TIFF Announces First Batch of 2014 Films
Few people understand the importance of the arts and cultural sector better than Cameron Bailey. The artistic director of one of the world’s biggest and most important film festivals, Bailey brings a comprehensive wealth of experience to his position, and under his lead the festival continues to grow in size and significance every year. Yesterday, Cameron, along with the festival’s CEO Piers Handling, announced it’s first slate of selections for this year’s line-up:
The Toronto International Film Festival announced its first slate of selections on Tuesday morning. The reveal capped a rather turbulent few months of speculation and anxiety in film circles, stemming from an ultimatum delivered earlier in the year by the festival’s artistic director, Cameron Bailey. “For the first four days, from Thursday through Sunday, it will be North American or world premieres only for the festival,” Bailey told the Toronto Star in January, throwing down the hammer on studios hoping to sneak Oscar contenders into the Telluride Film Festival, which has of late been stealing TIFF’s thunder, having claimed “world premiere” bragging rights to such TIFF 2013 films as 12 Years a Slave and Prisoners (the latter especially stung, as it was directed by Montrealer Denis Villeneuve).
Cameron’s warning was a gutsy move, not only because it took direct aim at the major studios TIFF so depends on for its marquee titles, but also because it was essentially an admission that the second half of TIFF was, well, not that great. (For years, visiting journalists and industry types have been moaning and groaning about the exact same thing, lamenting how the festival is usually so front-loaded with big awards contenders and must-see films that the second half resembles a Film Fest Lite.) It’s still too early to tell what impact Bailey’s stance will have on this year’s festival (TIFF will reveal more of its lineup throughout the summer), but, judging by the festival’s first batch of 48 films, there are some notable picks—and omissions.
While there’s considerable buzz surrounding Bennett Miller’s Foxcatcher, Mike Leigh’s Mr. Turner, Ruben Östlund’s Force Majeure, Zhang Yimou’s Coming Home, David Cronenberg’s Maps to the Stars and Damien Chazelle’s Whiplash, the hype is all due to the films having previously screened at other film festivals earlier this year (Cannes for Foxcatcher, Mr. Turner, Coming Home, Force Majeureand Maps to the Stars; Sundance for Whiplash). It’s standard operating procedure for some Cannes and Sundance pics to make a victory lap at TIFF, but Bailey’s naked plea for world premieres makes the inclusion of these films—especially in the all-important first wave of announcements—dispiriting.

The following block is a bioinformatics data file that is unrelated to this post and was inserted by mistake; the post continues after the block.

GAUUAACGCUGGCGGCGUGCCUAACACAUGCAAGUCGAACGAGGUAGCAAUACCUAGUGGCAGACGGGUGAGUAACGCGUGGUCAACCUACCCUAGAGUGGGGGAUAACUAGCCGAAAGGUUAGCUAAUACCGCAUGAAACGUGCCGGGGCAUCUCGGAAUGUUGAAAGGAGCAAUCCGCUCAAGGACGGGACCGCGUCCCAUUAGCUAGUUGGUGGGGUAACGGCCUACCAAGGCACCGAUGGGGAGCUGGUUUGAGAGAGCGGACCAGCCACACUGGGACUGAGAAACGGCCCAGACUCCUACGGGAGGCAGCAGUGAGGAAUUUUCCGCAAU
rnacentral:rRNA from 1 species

If there was one sure bet for inclusion at TIFF before Tuesday’s announcement, it was Jean-Marc Vallee’s Wild, starring Reese Witherspoon and based on Cheryl Strayed’s bestselling memoir. The drama has all the makings of a TIFF breakout: a star who’s due for a comeback (especially after last year’s Devil’s Knot, a TIFF embarrassment), a Canadian director on a hot streak, and a prestige sheen, thanks to its awards-friendly source material. (It’s odd, then, that Wild is being listed not as a “world premiere” but an “international premiere,” whatever that may mean.) A few other films that fit TIFF perfectly: Jason Reitman’s Men, Women & Children, which threatens yet another comeback role for Adam Sandler; Noah Baumbach’s While We’re Young, starring Ben Stiller; and The Good Lie, another Witherspoon drama directed by a Quebecois director (in this case, Philippe Falardeau).
The hotly anticipated
In addition to the titles above, TIFF revealed a few previously under-the-radar pictures that are now at the top of every critic’s curiosity list. These include the Jake Gyllenhaal crime drama Nightcrawler (which just kicked off an intriguing “viral” marketing campaign this week), Lone Scherfig’s The Riot Club, Mike Binder’s racial-tinged drama Black and White, Mia Hansen-Love’s Eden, Andrew Niccol’s Good Kill, David Gordon Green’s Manglehorn (which boasts a reportedly strong Al Pacino performance and has been strongly rumoured to hit Telluride), Hal Hartler’s Ned Rifle, Jon Stewart’s directorial debut Rosewater (which is only listed as a Canadian premiere, meaning TIFF could not even secure a North American debut) and Chris Rock’s Top Five.
The necessary Hollywood evils
Like Rush and The Fifth Estate from 2013′s edition, this year’s festival features a few big Hollywood films that will likely receive little awards attention, and are mostly in town to reel in big names. Antoine Fuqua’s action film The Equalizer (starring Denzel Washington), Shawn Levy’s dramedy This Is Where I Leave You (starring Tina Fey, Jason Bateman and Jane Fonda) and David Dobkin’s The Judge (starring Robert Downey Jr.) all look to be pleasant enough early-fall distractions, but will never see the inside of L.A.’s Dolby Theatre come February 2015.
As expected, a few heavyweight fall pictures are not on TIFF’s slate as of yet. These include Tim Burton’s Big Eyes, Angelina Jolie’s Unbroken (which would make great sense as an opening-night film), Werner Herzog’s Queen of the Desert, Thomas McCarthy’s The Cobbler (featuring another possible Adam Sandler career-redemption role), J.C. Chandor’s A Very Violent Year, Fatih Akin’s The Cut, Christopher Nolan’s Interstellar (which could be the Gravity of 2014), David Ayer’s Fury and Theordore Melfi’s St. Vincent (featuring a possible awards-level performance from everyone’s favourite wedding crasher, Bill Murray). True, these may pop up on TIFF’s slate as the summer goes on, but there are also two extremely high-profile premieres that have already been snagged by the New York Film Festival, which runs after TIFF: David Fincher’s Gone Girl and Paul Thomas Anderson’s Inherent Vice. Make no mistake, these films will be missed.
Barry Hertz/Maclean’s/July, 2014